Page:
For some patients that are not able to reach a stable level of inspiration repetitively it is the only chance to get a really gentle and preservative treatment to offer “real gating”, turning the beam on and off according to the phase of the breathing cycle – allowing the patient to breath freely during the whole session.”


If SGRT is such an improvement in your view, why do you think some clinics haven’t taken it up yet?

“If you want to introduce a new technique, like SGRT, to your hospital, it requires investment. It’s not just money, you have to invest time and manpower. And some hospitals will feel that they do not really have the manpower to introduce new techniques. You do have to invest time and money and there is a learning curve.

But the advantages make it worth it. Our clinic is located in a part of Germany where there is a lot of competition. We have to convince our customers – our patients – to choose us as a partner for their fight against cancer because of our high standards and the quality of our treatments. That’s how we convinced our CEO, that – in order to compete in this market – we had to have really high standards of care. And offering SGRT is a consequent part of this strategy.

Our clinic does see a benefit on the financial side. I think we have attracted a lot of patients to our hospital that we would not see if we didn’t use SGRT for our breast cancer patients and SBRT with SGRT for our other patients, they would simply drive by Bayreuth and not be treated here.”


You make it clear that there is an adoption curve. But on a day-to-day basis, is the system complex to maintain?

“You can gain experience by visiting other centers or by learning from experienced users, how to delineate the target volume, how to take care of effects that that could limit the total dose you could offer the patients.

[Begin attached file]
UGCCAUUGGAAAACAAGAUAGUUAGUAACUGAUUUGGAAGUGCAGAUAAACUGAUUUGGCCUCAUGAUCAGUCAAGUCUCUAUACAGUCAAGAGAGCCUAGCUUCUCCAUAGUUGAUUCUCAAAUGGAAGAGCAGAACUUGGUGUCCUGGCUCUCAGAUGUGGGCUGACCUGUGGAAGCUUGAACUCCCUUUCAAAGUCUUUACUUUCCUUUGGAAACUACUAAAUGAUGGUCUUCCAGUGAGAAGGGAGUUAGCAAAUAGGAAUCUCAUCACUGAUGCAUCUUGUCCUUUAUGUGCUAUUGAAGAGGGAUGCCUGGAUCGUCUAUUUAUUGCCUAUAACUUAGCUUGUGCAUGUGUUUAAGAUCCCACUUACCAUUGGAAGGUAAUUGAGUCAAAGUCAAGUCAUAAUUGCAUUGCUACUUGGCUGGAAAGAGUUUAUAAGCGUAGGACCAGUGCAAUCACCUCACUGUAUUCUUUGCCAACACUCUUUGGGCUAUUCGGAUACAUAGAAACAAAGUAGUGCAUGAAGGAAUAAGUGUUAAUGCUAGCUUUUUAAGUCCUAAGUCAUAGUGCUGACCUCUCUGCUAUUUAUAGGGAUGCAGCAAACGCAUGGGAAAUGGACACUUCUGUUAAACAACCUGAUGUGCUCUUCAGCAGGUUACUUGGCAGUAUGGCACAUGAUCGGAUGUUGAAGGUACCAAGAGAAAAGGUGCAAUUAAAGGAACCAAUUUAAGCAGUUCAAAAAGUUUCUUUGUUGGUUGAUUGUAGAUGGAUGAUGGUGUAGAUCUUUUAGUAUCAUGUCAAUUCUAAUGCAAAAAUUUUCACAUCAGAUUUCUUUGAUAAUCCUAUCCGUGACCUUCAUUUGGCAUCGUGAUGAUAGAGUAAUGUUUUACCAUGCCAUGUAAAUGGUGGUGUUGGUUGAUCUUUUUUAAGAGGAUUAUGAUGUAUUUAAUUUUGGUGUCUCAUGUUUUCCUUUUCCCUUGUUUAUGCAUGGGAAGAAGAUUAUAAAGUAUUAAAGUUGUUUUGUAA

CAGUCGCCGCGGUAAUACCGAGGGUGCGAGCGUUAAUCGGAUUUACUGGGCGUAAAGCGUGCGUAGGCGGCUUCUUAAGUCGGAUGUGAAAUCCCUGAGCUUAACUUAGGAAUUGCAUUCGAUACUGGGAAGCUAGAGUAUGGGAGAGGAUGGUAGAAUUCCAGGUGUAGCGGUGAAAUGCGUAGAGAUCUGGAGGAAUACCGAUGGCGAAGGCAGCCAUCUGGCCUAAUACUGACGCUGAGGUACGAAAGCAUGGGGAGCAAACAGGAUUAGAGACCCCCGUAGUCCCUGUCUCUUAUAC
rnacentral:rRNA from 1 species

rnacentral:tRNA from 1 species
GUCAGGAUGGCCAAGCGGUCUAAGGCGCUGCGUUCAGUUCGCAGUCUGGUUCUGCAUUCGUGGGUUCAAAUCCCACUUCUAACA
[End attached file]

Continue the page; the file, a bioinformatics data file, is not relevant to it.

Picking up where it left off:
The preparation time to use our SGRT system is close to zero. It’s there to use with the majority of patients throughout the day. You don’t have to clean it because the system is contactless – it’s never in contact with the patient. It is a different workflow than we had before, but we’ve had no issues. The daily Quality Assurance is done by our RTTs and it takes around two minutes per treatment system each day. They are all happy with the system – the staff and the patients.”


Tell us about the overall difference SBRT with SGRT has made in your practice.

“SGRT is a very effective motion management tool for normal fractionated treatments, but its effectiveness becomes even greater with high doses such as in SBRT, because you have to be much more precise to offer these extraordinarily high doses to the patient. The workload for our team to use SBRT is higher, but the smaller number treatment sessions compensate for that easily. A normal fractionated lung treatment might take longer each time, but it might be for only three fractions. You will gain a lot of patients and those patients can benefit from the comfort and from having fewer fraction treatments.

I’ve seen a lot of patients over the past few decades that have limited their survival chance because they saw the old way of treatment as being so uncomfortable. It’s really a pity because then the comfort of the patient is linked to the to the survival of the patient. If your clinic uses SGRT, it’s far less invasive. You don’t have to put screws inside their skull, or apply pressure on the patient to hinder their breathing cycle. All of that can be really harmful or painful to the patient. A relaxed and comfortable patient is an easy to treat patient. We believe this system is working and it is beneficial for our patients.”